According to KOLs interviewed by GlobalData, congenital CMV infections remain a major clinical challenge because mainstay CMV antiviral therapies such as ganciclovir and foscarnet cannot be administered during pregnancy due to hematological and renal toxicities. As a result, drug developers have turned to other forms of therapy. Biotest AG and Novartis are advancing hyperimmune globulin (BT-084) and monoclonal antibody (CSJ-148) products, respectively, to Phase II clinical trials for the prevention of congenital CMV. GlobalData believes that these strategies will be safe for administration during pregnancy, and may serve as effective stopgap measures against CMV transmission. However, KOLs affirmed that vaccination is the optimal route to dramatically reduce the burden of congenital CMV infections, particularly for HEU infants.
New leads for vaccine development
In a presentation of work from Oregon Health and Sciences University, Greene and colleagues identified a novel determinant of non-classical T cell response following vaccination of non-human primates with CMV vaccine vectors. Using rhesus macaques (RM) and mauritan-origin cynomolgus macaques (MCM), the researchers found that matching species-specific CMV vectors with the host species triggered unconventional CD8+ T cell responses, including MHC-E and MHC-II restricted responses. When CMV vectors were generated expressing simian immunodeficiency virus (SIV) antigens, the high level of immunogenicity in species-matched macaques conferred unprecedented protection against highly virulent SIVmac239 replication. The results suggest that vaccine design against human HIV may require a human CMV vector backbone.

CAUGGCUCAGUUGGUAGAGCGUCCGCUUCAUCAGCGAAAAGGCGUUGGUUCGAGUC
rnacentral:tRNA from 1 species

Continued preclinical investigation into CMV-based vector strategies will be critical for the improvement of vaccine design for both HIV and CMV. To date, HIV vaccine candidates have found limited success in clinical development, with only the RV144 trial showing modest protective efficacy in a Phase III trial. A similar unmet need for CMV is highlighted by the recent failure of Astellas/Vical to reach primary Phase III endpoints for their now-discontinued CMV vaccine, ASP0113. Only two experimental CMV vaccines from Helocyte remain in ongoing Phase II clinical trials. Overall, the work presented at CROI 2018 indicates that there is a substantial opportunity for companies to leverage burgeoning technology from basic and translational research to bring a CMV vaccine to market.
GlobalData (2018). Cytomegalovirus (CMV) – Opportunity Analysis and Forecasts to 2027, to be published
GlobalData (2018). Expert Insight: Shire’s Breakthrough Therapy Maribavir Has Potential to Shake Up the Cytomegalovirus Market, January 2018, GDHC1549EI
GlobalData (2018). Expert Insight: With Recent Astellas Phase III Flop, a Cytomegalovirus Vaccine Continues to Elude Drug Developers, January 2018, GDHC1562EI
GlobalData (2017). PharmaPoint: Human Immunodeficiency Virus (HIV) – Global Drug Forecast and Market Analysis to 2025, April 2017, GDHC135PIDR